It’s easy to look back at the last time we did something like this.

It was a great, beautiful night in our church when we got to witness the most profound moments of our lives together.

This was the moment when I knew my wife was my soulmate.

I told her I loved her and that I loved the sacrament.

She was shocked.

“No, you’re not,” I told my wife.

“I love you.”

“I’ve loved you forever,” she told me.

We stayed together and it was like nothing else.

I knew she could love me back.

The night before our wedding, I had to be careful about where I held my hands and how I looked.

When the priest arrived, he walked me to my car and drove me to a small hotel.

I was alone.

I asked my wife if I could pray with him.

“Yes,” she said, “but only if you promise not to make any noise.”

The priest stood on a chaise lounge and told me to close my eyes and pray.

Then he asked me what I was going to say.

I thought it was a bad idea to say anything at all.

But I prayed anyway, knowing that if I didn’t say anything, he would think I was just being too emotional.

The priest led me to the door and we prayed.

It felt like the beginning of our vows.

We broke out in tears and hugged each other.

I had never felt more loved.

We went back to the hotel and my wife told me that the priest was holding the Holy Eucharist and that we had kissed Jesus.

I wanted to hug him.

It happened so quickly.

I cried.

But the priest did not cry.

I stood up and walked out.

I left the hotel alone.

The next morning, the priest came to our church and asked if we could come to his office to get his blessing.

I felt so empty, so lost.

The only thing that could bring me closer to God was prayer.

So I prayed.

I prayed that my wife and I would always love each other and that when she prayed, I would listen.

I kept saying, “I know you are there, Lord.”

But the priests silence was deafening.

I finally got up and left.

I called the priest, but he did not answer.

I didn-t feel like I had a choice.

I could either leave him alone or I could walk away from him.

The first time I walked out of the chapel after the Mass, the priests head bowed in reverence.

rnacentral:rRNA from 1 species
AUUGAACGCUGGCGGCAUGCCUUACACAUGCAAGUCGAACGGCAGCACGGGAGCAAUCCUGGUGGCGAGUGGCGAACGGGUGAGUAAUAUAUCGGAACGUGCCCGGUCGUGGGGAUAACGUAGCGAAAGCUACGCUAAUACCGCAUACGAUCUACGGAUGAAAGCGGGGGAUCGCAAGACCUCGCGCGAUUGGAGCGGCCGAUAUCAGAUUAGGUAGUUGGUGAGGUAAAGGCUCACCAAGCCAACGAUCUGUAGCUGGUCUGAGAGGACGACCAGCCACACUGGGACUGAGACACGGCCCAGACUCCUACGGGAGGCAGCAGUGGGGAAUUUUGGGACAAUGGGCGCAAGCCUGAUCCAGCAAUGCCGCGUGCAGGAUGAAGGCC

I walked outside the church and looked at him.

He stood there and didn’t look at me.

I went outside and prayed.

The silence was so deafening, I was afraid he might leave me alone with the priest.

But he didn’t.

He walked toward me and sat down in front of me.

“Lord, if you have a good heart, you will forgive my sins and let me forgive my wife,” I said.

“But don’t do this for her,” he said.

He held my hand and said, in his beautiful Italian, “You love her.

And I love you back.”

I was still thinking about my wife, but I realized that this moment could not be my last.

He took my hand again and said it again.

He was saying it in my language, my voice, my heart.

He kissed my hand.

I kissed him back and he kissed me back again.

I couldn’t help but feel a warmth spreading through my body.

I held onto his hand as we walked to the elevator.

He looked me in the eye and said the blessing.

He said, with tears in his eyes, “Your love, I am the Lord Jesus Christ.”

And I understood what he meant.

I love my wife because I love her for the way she was and because I know that God has given her the gift of forgiveness.

She is the most beautiful and extraordinary woman I know.

I never thought that God would give me the gift to forgive him.

We were both so exhausted from praying.

I remember thinking, God is a real person.

I don’t understand how he can forgive someone for his own sins.

The same thing happened when I got to see my wife in the hospital.

It’s not that I felt guilty about what happened in that hospital.

I just felt that my prayers were not being answered.

The priests heart is still a mystery.

The truth of it is, it’s something that’s always been there.

It will always be there.

But now I can say with confidence that the truth is within me.

As I pray, I feel that God will always forgive me for what happened to my wife during that terrible accident.

I am now able to love and love with a certain clarity, and I can also say, “Thank you, God.”

Thank you, Lord.